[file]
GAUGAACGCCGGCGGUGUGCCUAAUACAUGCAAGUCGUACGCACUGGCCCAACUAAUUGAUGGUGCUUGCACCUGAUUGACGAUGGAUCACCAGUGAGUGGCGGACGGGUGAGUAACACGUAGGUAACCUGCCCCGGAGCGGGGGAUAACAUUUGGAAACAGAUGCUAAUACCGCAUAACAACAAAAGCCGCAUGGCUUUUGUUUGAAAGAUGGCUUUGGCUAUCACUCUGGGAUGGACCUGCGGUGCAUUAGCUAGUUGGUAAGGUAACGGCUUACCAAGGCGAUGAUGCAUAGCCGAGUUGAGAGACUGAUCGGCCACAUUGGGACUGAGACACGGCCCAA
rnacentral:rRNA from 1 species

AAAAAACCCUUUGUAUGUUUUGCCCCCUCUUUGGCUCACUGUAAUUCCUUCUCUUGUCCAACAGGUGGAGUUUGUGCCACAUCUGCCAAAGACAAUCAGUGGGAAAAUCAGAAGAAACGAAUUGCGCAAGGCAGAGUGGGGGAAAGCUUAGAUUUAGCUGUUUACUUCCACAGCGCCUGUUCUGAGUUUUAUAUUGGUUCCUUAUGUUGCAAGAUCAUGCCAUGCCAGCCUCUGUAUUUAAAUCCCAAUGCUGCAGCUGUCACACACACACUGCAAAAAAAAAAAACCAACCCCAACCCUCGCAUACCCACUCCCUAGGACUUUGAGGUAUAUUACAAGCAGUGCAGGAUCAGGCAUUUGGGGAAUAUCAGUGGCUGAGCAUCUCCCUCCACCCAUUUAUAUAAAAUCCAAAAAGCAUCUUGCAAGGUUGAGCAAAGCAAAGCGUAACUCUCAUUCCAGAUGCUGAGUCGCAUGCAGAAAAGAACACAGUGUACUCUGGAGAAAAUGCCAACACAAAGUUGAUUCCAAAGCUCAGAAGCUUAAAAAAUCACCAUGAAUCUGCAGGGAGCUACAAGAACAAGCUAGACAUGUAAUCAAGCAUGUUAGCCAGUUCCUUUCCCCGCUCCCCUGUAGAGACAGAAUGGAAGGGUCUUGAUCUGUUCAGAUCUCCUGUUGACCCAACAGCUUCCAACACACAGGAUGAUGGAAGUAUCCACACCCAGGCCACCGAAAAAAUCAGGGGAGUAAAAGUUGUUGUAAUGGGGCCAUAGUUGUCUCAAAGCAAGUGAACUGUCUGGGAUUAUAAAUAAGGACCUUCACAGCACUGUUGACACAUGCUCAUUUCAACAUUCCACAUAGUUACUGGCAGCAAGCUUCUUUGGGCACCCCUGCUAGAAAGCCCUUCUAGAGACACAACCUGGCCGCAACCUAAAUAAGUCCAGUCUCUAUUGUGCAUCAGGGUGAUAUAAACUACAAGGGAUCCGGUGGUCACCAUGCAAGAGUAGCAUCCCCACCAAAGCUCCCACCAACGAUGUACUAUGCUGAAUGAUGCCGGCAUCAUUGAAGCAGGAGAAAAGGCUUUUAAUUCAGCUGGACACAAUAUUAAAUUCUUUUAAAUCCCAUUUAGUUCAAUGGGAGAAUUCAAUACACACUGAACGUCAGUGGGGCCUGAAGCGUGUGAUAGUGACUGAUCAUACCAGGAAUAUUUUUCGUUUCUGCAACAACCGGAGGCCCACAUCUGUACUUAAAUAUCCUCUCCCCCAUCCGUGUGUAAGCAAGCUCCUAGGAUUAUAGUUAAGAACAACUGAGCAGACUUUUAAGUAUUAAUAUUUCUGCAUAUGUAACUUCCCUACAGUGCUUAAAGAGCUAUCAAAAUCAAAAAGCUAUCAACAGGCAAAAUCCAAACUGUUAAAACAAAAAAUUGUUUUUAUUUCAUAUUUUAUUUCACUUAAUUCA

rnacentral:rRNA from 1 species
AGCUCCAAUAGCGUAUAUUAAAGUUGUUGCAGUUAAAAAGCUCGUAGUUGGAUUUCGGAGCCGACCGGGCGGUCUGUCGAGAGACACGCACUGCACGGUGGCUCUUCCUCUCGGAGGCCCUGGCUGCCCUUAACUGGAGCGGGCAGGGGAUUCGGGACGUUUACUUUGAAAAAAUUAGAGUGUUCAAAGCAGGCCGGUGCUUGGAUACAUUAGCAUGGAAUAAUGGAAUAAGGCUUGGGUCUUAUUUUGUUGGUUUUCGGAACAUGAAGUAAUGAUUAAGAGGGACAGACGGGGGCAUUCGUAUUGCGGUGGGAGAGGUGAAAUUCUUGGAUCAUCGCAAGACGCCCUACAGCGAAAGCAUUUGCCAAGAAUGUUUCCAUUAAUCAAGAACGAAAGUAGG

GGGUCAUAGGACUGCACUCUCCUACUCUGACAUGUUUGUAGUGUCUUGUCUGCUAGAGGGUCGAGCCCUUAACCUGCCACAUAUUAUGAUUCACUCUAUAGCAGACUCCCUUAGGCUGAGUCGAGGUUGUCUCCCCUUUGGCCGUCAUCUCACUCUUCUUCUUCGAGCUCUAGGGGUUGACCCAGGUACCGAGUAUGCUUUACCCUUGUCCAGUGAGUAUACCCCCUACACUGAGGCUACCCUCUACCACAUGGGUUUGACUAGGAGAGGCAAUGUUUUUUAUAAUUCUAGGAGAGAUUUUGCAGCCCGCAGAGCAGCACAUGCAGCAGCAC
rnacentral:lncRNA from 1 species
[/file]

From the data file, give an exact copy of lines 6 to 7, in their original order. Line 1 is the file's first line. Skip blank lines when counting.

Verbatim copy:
GGGUCAUAGGACUGCACUCUCCUACUCUGACAUGUUUGUAGUGUCUUGUCUGCUAGAGGGUCGAGCCCUUAACCUGCCACAUAUUAUGAUUCACUCUAUAGCAGACUCCCUUAGGCUGAGUCGAGGUUGUCUCCCCUUUGGCCGUCAUCUCACUCUUCUUCUUCGAGCUCUAGGGGUUGACCCAGGUACCGAGUAUGCUUUACCCUUGUCCAGUGAGUAUACCCCCUACACUGAGGCUACCCUCUACCACAUGGGUUUGACUAGGAGAGGCAAUGUUUUUUAUAAUUCUAGGAGAGAUUUUGCAGCCCGCAGAGCAGCACAUGCAGCAGCAC
rnacentral:lncRNA from 1 species